Job offersmore »
- Account-Manager - Wickede/Ruhr, Germany
- Grower for pot plant production - Tönisvorst - Germany
- Assistant Grower & Growers - Ohio, USA
- Fruit & vegetables Export-Import manager - Avignon or Perpignan, France
- Area Manager North Europe - Netherlands
- Area Sales Manager Oost Europa - Netherlands
- Benelux Sales Manager - Grow lights, Holland
- Productie Manager - Ethiopia
- Head of Sales Europe
- Engineer support in agricultural sciences - Switzerland
Top 5 - yesterday
Top 5 - last week
Top 5 - last month
Exchange ratesmore »
Partnership with foodservice business
Hydroponic container farm company starts growing its own hyper local produce
A new custom partnership between retail foodservice business B.GOOD and Freight Farms will result in hyper local produce available for use in their New England locations. The partnership is maximizing on Freight Farms’ food production capabilities with B.GOOD’s philosophy of providing commitment to fresh and local produce year-round at a consistent quality and quantity.
Creating local food availability
Until now Freight Farms has been primarily developing hydroponic shipping container farms (the Leafy Green Machine™) and its associated software (farmhand®) but this will be their first food production venture. Brad McNamara, CEO of Freight Farms, says they’ve already had a connection with B.GOOD for several years. "Discussions of supply chain trials and tribulations and wanting to have a truly local program were an ongoing topic. They’ve always been very forward thinking,” McNamara says of B.GOOD. “They’re about transparency, traceability and striving to find a way to do local in a true way. It’s made for easy mutual learning and good conversation.”
Local lettuce for signature menu item
There are approximately 30 locations dispersed throughout New England alone. “I think that’s where the conversation started to get really interesting,” says McNamara. “For them, finding a way to do local in all the different places they want to expand B.GOOD is an issue: i.e. your local scene in the Boston area is very different than the scene in Springfield or Connecticut.” By using Freight Farms’ containerized hydroponic system, it doesn’t matter where the ‘farm’ is located. Freight Farms will be growing 600-700 heads of bib lettuce a week for B.GOOD’s signature Cousin Oliver burger menu item for about 17 or 18 of its stores.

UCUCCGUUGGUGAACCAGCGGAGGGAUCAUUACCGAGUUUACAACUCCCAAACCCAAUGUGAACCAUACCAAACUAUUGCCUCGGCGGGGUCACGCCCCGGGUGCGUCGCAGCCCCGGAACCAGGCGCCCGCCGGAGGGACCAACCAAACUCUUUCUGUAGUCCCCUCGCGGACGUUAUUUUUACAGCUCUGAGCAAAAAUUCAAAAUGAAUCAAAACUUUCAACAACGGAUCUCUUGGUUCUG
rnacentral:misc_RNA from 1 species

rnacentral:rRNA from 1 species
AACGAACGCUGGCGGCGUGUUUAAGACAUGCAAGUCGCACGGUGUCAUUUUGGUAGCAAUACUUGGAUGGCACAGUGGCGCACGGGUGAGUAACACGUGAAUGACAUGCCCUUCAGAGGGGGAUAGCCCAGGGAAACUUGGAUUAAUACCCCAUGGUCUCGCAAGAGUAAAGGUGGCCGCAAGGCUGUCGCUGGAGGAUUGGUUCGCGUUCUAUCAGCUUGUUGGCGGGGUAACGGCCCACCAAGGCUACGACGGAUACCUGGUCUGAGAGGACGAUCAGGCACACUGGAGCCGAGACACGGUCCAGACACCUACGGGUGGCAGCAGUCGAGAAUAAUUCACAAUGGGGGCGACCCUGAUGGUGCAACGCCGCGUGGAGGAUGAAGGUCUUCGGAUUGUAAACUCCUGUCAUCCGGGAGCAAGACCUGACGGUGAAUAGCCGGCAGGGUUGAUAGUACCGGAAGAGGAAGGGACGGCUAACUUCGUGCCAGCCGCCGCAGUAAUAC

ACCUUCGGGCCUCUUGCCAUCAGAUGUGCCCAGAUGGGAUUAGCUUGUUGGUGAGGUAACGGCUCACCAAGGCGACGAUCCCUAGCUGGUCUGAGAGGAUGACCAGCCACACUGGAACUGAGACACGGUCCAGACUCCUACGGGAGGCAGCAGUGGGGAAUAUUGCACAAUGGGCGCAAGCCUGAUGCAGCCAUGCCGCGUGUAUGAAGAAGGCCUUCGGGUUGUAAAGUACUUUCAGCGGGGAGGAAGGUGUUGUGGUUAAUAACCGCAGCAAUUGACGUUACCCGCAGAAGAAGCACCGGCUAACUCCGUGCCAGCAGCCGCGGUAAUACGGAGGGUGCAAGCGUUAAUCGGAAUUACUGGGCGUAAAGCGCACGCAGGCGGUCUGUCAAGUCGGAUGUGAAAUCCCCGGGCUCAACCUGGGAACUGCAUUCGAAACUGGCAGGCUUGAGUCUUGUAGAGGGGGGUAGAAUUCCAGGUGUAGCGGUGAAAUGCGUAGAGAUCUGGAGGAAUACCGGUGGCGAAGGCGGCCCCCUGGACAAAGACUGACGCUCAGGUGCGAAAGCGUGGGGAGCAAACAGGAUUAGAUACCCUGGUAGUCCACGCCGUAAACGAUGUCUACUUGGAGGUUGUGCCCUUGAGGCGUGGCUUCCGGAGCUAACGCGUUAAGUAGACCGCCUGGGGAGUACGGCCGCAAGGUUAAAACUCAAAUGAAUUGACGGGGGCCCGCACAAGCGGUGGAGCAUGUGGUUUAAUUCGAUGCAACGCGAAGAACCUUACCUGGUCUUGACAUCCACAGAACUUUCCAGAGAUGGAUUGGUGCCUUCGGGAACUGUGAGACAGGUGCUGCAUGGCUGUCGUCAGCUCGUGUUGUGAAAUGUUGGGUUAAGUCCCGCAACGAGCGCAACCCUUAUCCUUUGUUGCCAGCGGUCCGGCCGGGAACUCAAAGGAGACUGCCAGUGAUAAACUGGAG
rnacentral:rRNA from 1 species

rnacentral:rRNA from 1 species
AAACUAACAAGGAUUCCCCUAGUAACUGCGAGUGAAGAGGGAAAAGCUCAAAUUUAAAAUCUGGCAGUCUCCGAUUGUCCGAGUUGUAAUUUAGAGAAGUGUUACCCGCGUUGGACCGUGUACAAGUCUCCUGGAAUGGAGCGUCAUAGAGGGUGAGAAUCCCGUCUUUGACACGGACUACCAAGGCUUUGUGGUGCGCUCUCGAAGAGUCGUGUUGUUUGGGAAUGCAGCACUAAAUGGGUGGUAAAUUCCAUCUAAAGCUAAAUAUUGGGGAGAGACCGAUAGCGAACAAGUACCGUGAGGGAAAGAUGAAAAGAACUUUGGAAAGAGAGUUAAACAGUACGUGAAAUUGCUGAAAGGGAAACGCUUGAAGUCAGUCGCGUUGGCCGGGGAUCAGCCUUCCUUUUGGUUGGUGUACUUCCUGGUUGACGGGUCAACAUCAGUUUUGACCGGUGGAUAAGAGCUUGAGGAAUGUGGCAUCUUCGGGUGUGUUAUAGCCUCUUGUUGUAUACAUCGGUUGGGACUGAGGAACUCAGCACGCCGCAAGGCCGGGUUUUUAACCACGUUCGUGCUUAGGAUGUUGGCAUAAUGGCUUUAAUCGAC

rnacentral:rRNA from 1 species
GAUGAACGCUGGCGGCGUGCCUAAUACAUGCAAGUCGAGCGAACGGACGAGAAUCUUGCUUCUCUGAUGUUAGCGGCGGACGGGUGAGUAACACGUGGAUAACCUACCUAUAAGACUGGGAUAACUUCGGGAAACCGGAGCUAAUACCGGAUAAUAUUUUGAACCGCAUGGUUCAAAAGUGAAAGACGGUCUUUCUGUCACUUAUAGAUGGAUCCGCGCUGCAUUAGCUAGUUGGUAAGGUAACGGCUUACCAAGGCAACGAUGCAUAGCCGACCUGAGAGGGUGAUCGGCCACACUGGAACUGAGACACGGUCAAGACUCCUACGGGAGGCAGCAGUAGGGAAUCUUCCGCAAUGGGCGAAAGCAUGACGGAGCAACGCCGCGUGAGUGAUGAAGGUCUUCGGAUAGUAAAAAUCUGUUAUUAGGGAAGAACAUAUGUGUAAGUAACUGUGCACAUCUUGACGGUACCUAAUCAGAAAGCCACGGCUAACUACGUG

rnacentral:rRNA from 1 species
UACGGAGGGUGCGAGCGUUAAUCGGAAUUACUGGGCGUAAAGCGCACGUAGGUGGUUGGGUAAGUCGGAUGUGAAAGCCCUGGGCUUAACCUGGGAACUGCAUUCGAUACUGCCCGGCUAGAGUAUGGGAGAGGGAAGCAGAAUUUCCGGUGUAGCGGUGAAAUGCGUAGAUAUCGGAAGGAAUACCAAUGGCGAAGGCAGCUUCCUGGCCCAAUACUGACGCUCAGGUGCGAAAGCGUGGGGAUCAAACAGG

Growing food ourselves
McNamara says the Freight Farms team is excited to get right down to the business of actual farming. “This is something that we’ve never officially done before in terms of us running our own facilities and growing the food ourselves. The partnership and the timing is right, he says and with the technology, training and experience Freight Farms already has, it was easy to take that last step and branch out into growing as well.
Hydroponic lettuce supply
Determining production, demand and supply won’t really be an issue with the detailed growing data Freight Farms already has access to. “We’re running on the same platform with the same data set and software as our other 200+ growers around the globe so when it comes to production, we know it down to a T,” McNamara says. The partnership officially began April 10th, 2018, as trucks distributing Freight Farms hydroponic lettuce spread across New England to the majority of B.GOOD’s locations.
Immediate cold supply chain availability
Distribution also remains local: Freight Farms has set up a farm collocated at B.GOOD’s existing distribution facility. “We can provide turnkey distribution as well. The distributor has refrigerated trucks that are already going to all locations in the area on a bi-weekly basis. By locating our farm there we take our food safety to another level by immediately harvesting and packing the lettuce: we never break the cold supply chain before it gets to the kitchen.”
For more information:
Tel: (+1) 781-966-4145
Publication date: 4/16/2018
Other news in this sector: